Bare ruin’d choirs, where late the sweet birds sang.

Shakespeare, Sonnet 73

By now, musicians and music lovers alike are aware that few compositions of enduring value have been produced in the last forty years or so. They are further aware that those which seem to have lasted—the works, for example, of composers as different as Sergei Prokofiev and Dmitri Shostakovich in Russia and Aaron Copland and Samuel Barber in America—have been written by artists whose personalities and styles were formed as long ago as World War I and the ensuing two decades. Of more recent contributions to the permanent repertory, we now see nothing.

Thus, whether one looks at orchestra concerts, solo and chamber music recitals, or operatic productions, one discovers a concentration on pre-World War II repertory, with a strong favoritism shown for the music from Bach to Tchaikowsky. It is not that music by composers coming to maturity after World War II has not been played. On the contrary, it has been tried everywhere, and everywhere it has been found wanting. Indeed, so universally negative has the verdict been on post-1945 music that even the good and important works written in this period have been unfairly tarred with the general failure.

I do not claim originality for what I have just said. The enemies of the new music are legion, and even number important critics among their ranks. What is striking, however, is that an awareness of the deplorable state of musical affairs has gradually been creeping into the discussions of those responsible for the situation in the first place: the composers, and their admirers, who together had earlier claimed that the only way to creative salvation was the way of the new.

One of the more striking signs of this self-doubt among the once-confident is Trackings, a recent collection of interviews with 26 composers assembled by the American conductor Richard Dufallo.1 From 1972 to 1979, Dufallo was the director of the 20th-century music series at the Juilliard School in New York. More directly relevant to Trackings, from 1970 to 1985 he was artistic director of the Aspen Music Festival’s Conference on Contemporary Music. It is largely from among the composers he invited to Aspen in this fifteen-year period that he has selected his interviewees, and it is clear from his own autobiographical reminiscences, with which the book is generously supplied, that he experienced the opportunities for presenting new music there as exciting and (until the Aspen Festival’s internecine squabbles of the mid 1980’s) uniquely rewarding.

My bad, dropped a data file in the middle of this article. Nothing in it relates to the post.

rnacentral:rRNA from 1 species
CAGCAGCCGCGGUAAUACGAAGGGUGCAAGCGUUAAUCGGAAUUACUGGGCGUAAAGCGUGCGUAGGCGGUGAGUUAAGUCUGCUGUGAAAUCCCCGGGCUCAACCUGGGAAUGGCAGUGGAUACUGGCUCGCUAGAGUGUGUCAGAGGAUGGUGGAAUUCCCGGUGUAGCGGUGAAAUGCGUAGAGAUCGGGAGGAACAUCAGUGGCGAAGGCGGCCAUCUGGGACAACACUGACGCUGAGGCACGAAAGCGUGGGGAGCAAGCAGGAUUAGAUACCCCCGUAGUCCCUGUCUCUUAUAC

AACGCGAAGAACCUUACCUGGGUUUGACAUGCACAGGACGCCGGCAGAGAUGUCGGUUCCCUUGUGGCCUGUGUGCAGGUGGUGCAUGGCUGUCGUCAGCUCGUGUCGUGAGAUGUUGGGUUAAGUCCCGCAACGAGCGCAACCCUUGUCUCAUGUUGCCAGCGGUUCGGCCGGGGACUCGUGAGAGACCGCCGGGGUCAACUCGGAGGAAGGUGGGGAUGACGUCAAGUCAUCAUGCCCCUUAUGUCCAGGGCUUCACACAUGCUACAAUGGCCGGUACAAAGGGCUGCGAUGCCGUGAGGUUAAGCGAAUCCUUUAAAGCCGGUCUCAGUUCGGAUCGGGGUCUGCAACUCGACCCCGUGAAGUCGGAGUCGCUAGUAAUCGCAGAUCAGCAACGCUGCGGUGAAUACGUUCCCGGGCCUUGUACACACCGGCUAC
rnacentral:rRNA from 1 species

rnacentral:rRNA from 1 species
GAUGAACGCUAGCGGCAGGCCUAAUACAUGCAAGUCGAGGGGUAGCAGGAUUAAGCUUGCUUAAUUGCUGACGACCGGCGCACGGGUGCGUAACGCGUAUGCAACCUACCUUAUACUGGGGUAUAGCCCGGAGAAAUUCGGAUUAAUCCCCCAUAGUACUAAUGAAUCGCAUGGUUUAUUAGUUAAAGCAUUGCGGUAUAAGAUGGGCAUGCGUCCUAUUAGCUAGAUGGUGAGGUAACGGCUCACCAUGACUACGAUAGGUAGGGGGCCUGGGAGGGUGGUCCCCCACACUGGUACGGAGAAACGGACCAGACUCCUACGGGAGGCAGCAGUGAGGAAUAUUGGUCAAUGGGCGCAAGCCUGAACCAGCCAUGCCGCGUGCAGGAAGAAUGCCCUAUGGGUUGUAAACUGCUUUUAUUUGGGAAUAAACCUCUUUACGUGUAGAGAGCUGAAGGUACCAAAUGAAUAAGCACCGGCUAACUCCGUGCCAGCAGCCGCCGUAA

I myself witnessed much of what Dufallo describes. My own years as a faculty artist at the Aspen Music Festival matched his closely, and I appeared in the Conference on Contemporary Music as a piano soloist under Dufallo’s direction, playing with him Igor Stravinsky’s Concerto for Piano and Wind Orchestra. I also appeared on three other occasions as a soloist in Aspen concerts connected with the conference, playing Elliott Carter’s Piano Concerto with Gerard Schwarz, William Schuman’s Piano Concerto with Varujan Kojian, and Olivier Messiaen’s Oiseaux exotiques with Barry Jekowsky.



In the early years of Dufallo’s tenure in Aspen I attended many, if not most, of his concerts. As time passed, however, I became affected at these concerts by a curious combination of boredom and irritation, and at the end I must admit that I had quite given up on what Dufallo was trying to do in Aspen.